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close this bookRegenerative Agriculture Technologies for the Hill Farmers of Nepal: An Information Kit (IIRR, 1992, 210 p.)
close this folderLivestock and fodder
View the documentFeed Shortages and Seasonality Issues of Livestock in the Hills
View the documentSilage and Crop Residues as Fodder Supplement
View the documentFodder Sources from Trees and Shrubs of Nepal
View the documentExotic Fodder Species as Potential Alternatives to Ipil-Ipil
View the documentPropagation of Fodder Grasses
View the documentPropagation of Fodder Trees
View the documentGrasses and Fodder Trees for Terrace Risers
View the documentNB-21 Grass on Terrace Risers and Bunds
View the documentSalt Licks for Livestock
View the documentThe Large Leafed Mulberry: A Promising Nutritive Fodder for Scarcity Period
View the documentManagement of Breeding Pigs
View the documentUse of Sihundi for the Treatment of roundworms in Pigs
View the documentSmall-Scale Goat Raising
View the documentAngora Rabbit for Wool Production

Small-Scale Goat Raising

Goats are versatile animals for farmers, they can be raised for milk, meat, pelts, hair and manure. The ability of the goats to adapt to harsh environments, their digestion efficiency and their prolific reproduction have made them popular among farmers. Income can be maximized if they are reared, using proper management techniques. Farm families which are unable to rear cattle and buffaloes are easily able to keep a few goats, thus serving as an important source of family income.


· Selection of suitable breeding animals from indigenous local goats: A good buck should have a wide chest, well developed barrel, straight body and strong legs. He should be a twin, aggressive and he should have well developed reproductive organs with both testicles. A doe should be large with excellent conformation and long legs. She should be a twin, have a well-formed udder and be a good milker.

· Upgrade the quality of local goats by crossing with improved breeds. Production can be increased through upgrading.

· Avoid inbreeding.

Genetic improvement


· Properly fed does give birth to healthy kids, have higher milk yields and have a higher incidence of multiple births.

· Goats Drefer selective grazing and consume dry matter at the rate of 5-6% of their live weight. Goats show a higher tolerance, over cattle or buffalo, for fodder with bitter taste.

· Goats should be stall-fed with the grasses and fodder planted onthe terraces and marginal lands, as well as farm by-products and crop residues. Dependency on forest for fodder should be reduced to a minimum thus farmland should be planted with fodder trees and grasses. Concentrates can also be supplied for better production.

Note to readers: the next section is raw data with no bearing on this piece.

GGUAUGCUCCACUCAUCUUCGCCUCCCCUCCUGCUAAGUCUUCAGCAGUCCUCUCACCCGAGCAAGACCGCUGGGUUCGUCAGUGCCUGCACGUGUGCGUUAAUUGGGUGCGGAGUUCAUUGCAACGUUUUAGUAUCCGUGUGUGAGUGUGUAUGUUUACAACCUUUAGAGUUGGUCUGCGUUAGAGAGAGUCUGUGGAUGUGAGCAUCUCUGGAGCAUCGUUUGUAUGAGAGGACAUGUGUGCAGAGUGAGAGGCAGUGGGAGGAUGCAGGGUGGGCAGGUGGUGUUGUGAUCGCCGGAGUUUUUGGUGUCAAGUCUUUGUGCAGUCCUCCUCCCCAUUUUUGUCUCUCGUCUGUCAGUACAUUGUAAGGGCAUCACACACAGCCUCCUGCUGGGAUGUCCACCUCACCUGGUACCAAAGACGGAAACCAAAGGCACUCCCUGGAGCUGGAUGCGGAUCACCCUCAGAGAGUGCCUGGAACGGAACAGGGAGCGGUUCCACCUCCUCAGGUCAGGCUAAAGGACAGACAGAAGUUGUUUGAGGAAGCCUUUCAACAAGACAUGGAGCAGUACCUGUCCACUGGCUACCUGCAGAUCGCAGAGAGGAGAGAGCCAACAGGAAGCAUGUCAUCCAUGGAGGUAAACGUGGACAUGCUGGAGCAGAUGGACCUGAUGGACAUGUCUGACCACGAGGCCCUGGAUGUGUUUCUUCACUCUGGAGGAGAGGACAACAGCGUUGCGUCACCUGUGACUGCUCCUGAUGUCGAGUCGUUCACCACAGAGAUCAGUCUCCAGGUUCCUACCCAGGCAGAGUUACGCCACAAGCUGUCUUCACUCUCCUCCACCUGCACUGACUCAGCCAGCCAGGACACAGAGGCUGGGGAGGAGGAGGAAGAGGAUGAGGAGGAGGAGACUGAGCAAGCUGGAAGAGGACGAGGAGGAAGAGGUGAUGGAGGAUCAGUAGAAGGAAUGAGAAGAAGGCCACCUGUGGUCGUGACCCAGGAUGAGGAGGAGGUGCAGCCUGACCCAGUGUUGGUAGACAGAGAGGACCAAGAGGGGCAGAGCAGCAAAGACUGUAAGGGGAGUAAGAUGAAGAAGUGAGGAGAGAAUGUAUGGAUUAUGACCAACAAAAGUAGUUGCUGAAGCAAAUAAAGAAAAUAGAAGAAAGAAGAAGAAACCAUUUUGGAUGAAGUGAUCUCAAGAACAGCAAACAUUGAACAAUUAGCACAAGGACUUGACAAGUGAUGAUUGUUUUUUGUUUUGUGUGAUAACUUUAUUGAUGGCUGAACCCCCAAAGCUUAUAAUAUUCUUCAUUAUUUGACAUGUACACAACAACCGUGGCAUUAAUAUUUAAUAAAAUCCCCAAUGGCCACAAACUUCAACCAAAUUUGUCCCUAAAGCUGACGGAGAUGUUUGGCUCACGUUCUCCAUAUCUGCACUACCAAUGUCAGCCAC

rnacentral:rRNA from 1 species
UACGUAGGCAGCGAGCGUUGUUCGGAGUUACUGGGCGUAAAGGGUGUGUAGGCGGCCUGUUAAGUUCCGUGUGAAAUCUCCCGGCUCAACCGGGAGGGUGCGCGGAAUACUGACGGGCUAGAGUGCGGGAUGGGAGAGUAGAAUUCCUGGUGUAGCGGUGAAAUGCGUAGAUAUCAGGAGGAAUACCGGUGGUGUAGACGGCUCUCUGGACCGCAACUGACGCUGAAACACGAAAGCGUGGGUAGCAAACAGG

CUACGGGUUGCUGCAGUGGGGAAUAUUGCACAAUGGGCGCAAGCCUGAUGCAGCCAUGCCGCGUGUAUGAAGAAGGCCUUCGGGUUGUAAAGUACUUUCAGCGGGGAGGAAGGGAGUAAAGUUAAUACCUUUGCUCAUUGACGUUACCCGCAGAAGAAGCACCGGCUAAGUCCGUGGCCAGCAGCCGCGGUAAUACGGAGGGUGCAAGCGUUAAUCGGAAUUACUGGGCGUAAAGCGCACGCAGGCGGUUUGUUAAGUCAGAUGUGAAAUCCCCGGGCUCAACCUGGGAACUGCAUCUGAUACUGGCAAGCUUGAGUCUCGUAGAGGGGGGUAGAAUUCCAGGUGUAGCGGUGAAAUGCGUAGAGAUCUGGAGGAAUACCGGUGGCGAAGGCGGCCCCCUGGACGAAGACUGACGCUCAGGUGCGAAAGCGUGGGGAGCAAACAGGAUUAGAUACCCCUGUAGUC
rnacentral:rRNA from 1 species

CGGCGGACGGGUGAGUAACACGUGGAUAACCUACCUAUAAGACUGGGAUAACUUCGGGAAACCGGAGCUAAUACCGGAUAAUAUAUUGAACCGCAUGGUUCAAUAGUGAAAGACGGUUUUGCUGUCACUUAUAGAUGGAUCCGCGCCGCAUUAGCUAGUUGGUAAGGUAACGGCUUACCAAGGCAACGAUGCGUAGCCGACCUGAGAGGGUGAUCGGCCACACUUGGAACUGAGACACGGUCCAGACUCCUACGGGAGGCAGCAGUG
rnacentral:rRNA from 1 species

· Clean drinking water and salt should be available in the shed at all times.



· Goats refuse to eat anything dropped on the ground or soiled by other animals and are known to waste their feed. To minimize the wastage, a fodder rack with a wooden trough underneath is essential. If only 1 or 2 goats are kept, the fodder can be hung by a rope.

fodder rack


· Goats should be protected from strong winds, cold, rain and predators by adequate housing.

· Locally available material can be used to construct a low-cost shed.

· The shed should be easy to clean and provide plenty of fresh air and adequate floor space. An adult goat requires about 10-15 sq ft of floor space.

· The floor level should be 2-3 ft above the ground to facilitate easy cleaning and removal of manure.

· If only one or two goats are kept, they can be housed in the barandah.

· Separate pens or partitions are required for kids, males and pregnant does.

· If possible an area near the shed can be set aside for the coats to play in.



· A pregnant doe requires special care; provide nutritious feeds and clean drinking water. Special emphasis must be given to feed concentrates and nutritious fodder during the last two months of pregnancy. When a milking doe is pregnant, the doe should be "dried off" at least one to two months before kidding.

· Regular exercise is needed to facilitate easy kidding. To ensure the birth of healthy, well developed kids, the pregnant doe should be kept separately from other animals during the last month of pregnancy.


· Clean the nose and mouth soon after the kid is born to enable breathing.

· Cut the navel cord at a length of 5-10 cm. below the navel and apply antiseptic (e.g., tincture of iodine or a tumeric powder and mustard oil mixture) to avoid infection.

· Kids should be dried and kept in a dry, warm, clean shed. Protect newborn kids from the cold.

· Wash the doe's udder with warm water and assist kids to suckle colostrum. Sucking colostral milk is essential to ensure healthy kids. If the mother does not have milk or produces little milk, then the kid should be bottle-fed or allowed to nurse other lactating does.

· Ensure cleanliness and regular feeding. Clean drinking water should be made available at all times.

· Observe the kids regularly for parasitic infestation and diseases.


· Castrate unwanted males.
· Hoof-trimming should be done every 4-5 months.
· Deworm regularly to control parasites.
· Control external parasites.
· Keep the shed clean.
· Wean kids at 4 months of age.